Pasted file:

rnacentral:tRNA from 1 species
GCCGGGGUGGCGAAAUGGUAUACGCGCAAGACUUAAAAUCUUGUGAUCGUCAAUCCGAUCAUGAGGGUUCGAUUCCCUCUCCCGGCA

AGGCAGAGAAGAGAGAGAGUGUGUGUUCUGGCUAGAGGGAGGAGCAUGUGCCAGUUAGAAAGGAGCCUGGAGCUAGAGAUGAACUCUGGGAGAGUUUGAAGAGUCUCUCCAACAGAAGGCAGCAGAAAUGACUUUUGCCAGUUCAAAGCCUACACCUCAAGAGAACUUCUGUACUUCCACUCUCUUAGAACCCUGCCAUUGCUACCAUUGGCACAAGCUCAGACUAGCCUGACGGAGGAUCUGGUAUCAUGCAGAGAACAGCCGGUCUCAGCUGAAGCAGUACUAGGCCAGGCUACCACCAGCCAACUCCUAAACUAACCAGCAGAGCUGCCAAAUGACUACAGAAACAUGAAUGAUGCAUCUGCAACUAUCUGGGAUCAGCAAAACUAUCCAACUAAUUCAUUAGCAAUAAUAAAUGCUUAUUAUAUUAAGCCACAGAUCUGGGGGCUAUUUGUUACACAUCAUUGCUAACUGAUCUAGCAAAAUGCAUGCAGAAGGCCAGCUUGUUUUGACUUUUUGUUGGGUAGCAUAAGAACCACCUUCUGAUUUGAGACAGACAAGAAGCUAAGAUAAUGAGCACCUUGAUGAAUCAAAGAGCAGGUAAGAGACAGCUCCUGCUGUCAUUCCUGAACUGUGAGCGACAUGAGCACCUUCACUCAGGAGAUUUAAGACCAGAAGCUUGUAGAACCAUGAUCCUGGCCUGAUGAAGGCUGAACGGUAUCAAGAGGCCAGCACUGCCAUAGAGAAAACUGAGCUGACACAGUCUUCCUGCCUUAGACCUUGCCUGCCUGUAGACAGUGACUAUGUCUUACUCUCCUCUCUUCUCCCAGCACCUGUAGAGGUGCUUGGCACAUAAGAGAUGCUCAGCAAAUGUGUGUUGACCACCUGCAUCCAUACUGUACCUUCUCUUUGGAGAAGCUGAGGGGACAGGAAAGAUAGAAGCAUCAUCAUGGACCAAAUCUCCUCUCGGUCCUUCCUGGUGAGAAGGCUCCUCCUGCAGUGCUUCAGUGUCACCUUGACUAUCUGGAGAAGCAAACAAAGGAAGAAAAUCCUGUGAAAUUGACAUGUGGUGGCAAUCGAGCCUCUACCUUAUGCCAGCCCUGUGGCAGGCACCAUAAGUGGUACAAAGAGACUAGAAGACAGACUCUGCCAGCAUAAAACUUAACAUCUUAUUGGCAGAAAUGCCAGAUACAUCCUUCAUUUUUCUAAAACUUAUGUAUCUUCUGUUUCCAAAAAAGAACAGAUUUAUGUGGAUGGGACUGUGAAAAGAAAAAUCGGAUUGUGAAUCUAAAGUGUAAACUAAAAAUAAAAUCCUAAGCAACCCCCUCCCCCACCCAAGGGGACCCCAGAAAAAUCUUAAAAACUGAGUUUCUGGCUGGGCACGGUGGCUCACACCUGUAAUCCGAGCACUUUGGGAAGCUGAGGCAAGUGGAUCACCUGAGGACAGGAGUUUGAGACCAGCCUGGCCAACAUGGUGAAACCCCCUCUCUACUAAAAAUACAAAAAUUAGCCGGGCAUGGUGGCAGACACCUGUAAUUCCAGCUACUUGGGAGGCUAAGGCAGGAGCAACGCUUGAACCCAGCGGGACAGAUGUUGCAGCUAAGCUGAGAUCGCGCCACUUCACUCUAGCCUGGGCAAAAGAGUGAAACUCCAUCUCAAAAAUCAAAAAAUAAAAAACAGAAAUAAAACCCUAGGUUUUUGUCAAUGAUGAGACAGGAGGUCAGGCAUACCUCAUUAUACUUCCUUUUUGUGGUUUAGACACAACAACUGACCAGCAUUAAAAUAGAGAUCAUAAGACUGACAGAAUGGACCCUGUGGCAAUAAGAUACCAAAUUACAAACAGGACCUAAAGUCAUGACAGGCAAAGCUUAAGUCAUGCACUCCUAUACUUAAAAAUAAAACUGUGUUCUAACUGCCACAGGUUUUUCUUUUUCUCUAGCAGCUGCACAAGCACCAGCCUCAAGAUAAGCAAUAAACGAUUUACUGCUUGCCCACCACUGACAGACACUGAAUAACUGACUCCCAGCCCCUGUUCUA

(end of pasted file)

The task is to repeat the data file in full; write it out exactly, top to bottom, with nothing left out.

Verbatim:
rnacentral:tRNA from 1 species
GCCGGGGUGGCGAAAUGGUAUACGCGCAAGACUUAAAAUCUUGUGAUCGUCAAUCCGAUCAUGAGGGUUCGAUUCCCUCUCCCGGCA

AGGCAGAGAAGAGAGAGAGUGUGUGUUCUGGCUAGAGGGAGGAGCAUGUGCCAGUUAGAAAGGAGCCUGGAGCUAGAGAUGAACUCUGGGAGAGUUUGAAGAGUCUCUCCAACAGAAGGCAGCAGAAAUGACUUUUGCCAGUUCAAAGCCUACACCUCAAGAGAACUUCUGUACUUCCACUCUCUUAGAACCCUGCCAUUGCUACCAUUGGCACAAGCUCAGACUAGCCUGACGGAGGAUCUGGUAUCAUGCAGAGAACAGCCGGUCUCAGCUGAAGCAGUACUAGGCCAGGCUACCACCAGCCAACUCCUAAACUAACCAGCAGAGCUGCCAAAUGACUACAGAAACAUGAAUGAUGCAUCUGCAACUAUCUGGGAUCAGCAAAACUAUCCAACUAAUUCAUUAGCAAUAAUAAAUGCUUAUUAUAUUAAGCCACAGAUCUGGGGGCUAUUUGUUACACAUCAUUGCUAACUGAUCUAGCAAAAUGCAUGCAGAAGGCCAGCUUGUUUUGACUUUUUGUUGGGUAGCAUAAGAACCACCUUCUGAUUUGAGACAGACAAGAAGCUAAGAUAAUGAGCACCUUGAUGAAUCAAAGAGCAGGUAAGAGACAGCUCCUGCUGUCAUUCCUGAACUGUGAGCGACAUGAGCACCUUCACUCAGGAGAUUUAAGACCAGAAGCUUGUAGAACCAUGAUCCUGGCCUGAUGAAGGCUGAACGGUAUCAAGAGGCCAGCACUGCCAUAGAGAAAACUGAGCUGACACAGUCUUCCUGCCUUAGACCUUGCCUGCCUGUAGACAGUGACUAUGUCUUACUCUCCUCUCUUCUCCCAGCACCUGUAGAGGUGCUUGGCACAUAAGAGAUGCUCAGCAAAUGUGUGUUGACCACCUGCAUCCAUACUGUACCUUCUCUUUGGAGAAGCUGAGGGGACAGGAAAGAUAGAAGCAUCAUCAUGGACCAAAUCUCCUCUCGGUCCUUCCUGGUGAGAAGGCUCCUCCUGCAGUGCUUCAGUGUCACCUUGACUAUCUGGAGAAGCAAACAAAGGAAGAAAAUCCUGUGAAAUUGACAUGUGGUGGCAAUCGAGCCUCUACCUUAUGCCAGCCCUGUGGCAGGCACCAUAAGUGGUACAAAGAGACUAGAAGACAGACUCUGCCAGCAUAAAACUUAACAUCUUAUUGGCAGAAAUGCCAGAUACAUCCUUCAUUUUUCUAAAACUUAUGUAUCUUCUGUUUCCAAAAAAGAACAGAUUUAUGUGGAUGGGACUGUGAAAAGAAAAAUCGGAUUGUGAAUCUAAAGUGUAAACUAAAAAUAAAAUCCUAAGCAACCCCCUCCCCCACCCAAGGGGACCCCAGAAAAAUCUUAAAAACUGAGUUUCUGGCUGGGCACGGUGGCUCACACCUGUAAUCCGAGCACUUUGGGAAGCUGAGGCAAGUGGAUCACCUGAGGACAGGAGUUUGAGACCAGCCUGGCCAACAUGGUGAAACCCCCUCUCUACUAAAAAUACAAAAAUUAGCCGGGCAUGGUGGCAGACACCUGUAAUUCCAGCUACUUGGGAGGCUAAGGCAGGAGCAACGCUUGAACCCAGCGGGACAGAUGUUGCAGCUAAGCUGAGAUCGCGCCACUUCACUCUAGCCUGGGCAAAAGAGUGAAACUCCAUCUCAAAAAUCAAAAAAUAAAAAACAGAAAUAAAACCCUAGGUUUUUGUCAAUGAUGAGACAGGAGGUCAGGCAUACCUCAUUAUACUUCCUUUUUGUGGUUUAGACACAACAACUGACCAGCAUUAAAAUAGAGAUCAUAAGACUGACAGAAUGGACCCUGUGGCAAUAAGAUACCAAAUUACAAACAGGACCUAAAGUCAUGACAGGCAAAGCUUAAGUCAUGCACUCCUAUACUUAAAAAUAAAACUGUGUUCUAACUGCCACAGGUUUUUCUUUUUCUCUAGCAGCUGCACAAGCACCAGCCUCAAGAUAAGCAAUAAACGAUUUACUGCUUGCCCACCACUGACAGACACUGAAUAACUGACUCCCAGCCCCUGUUCUA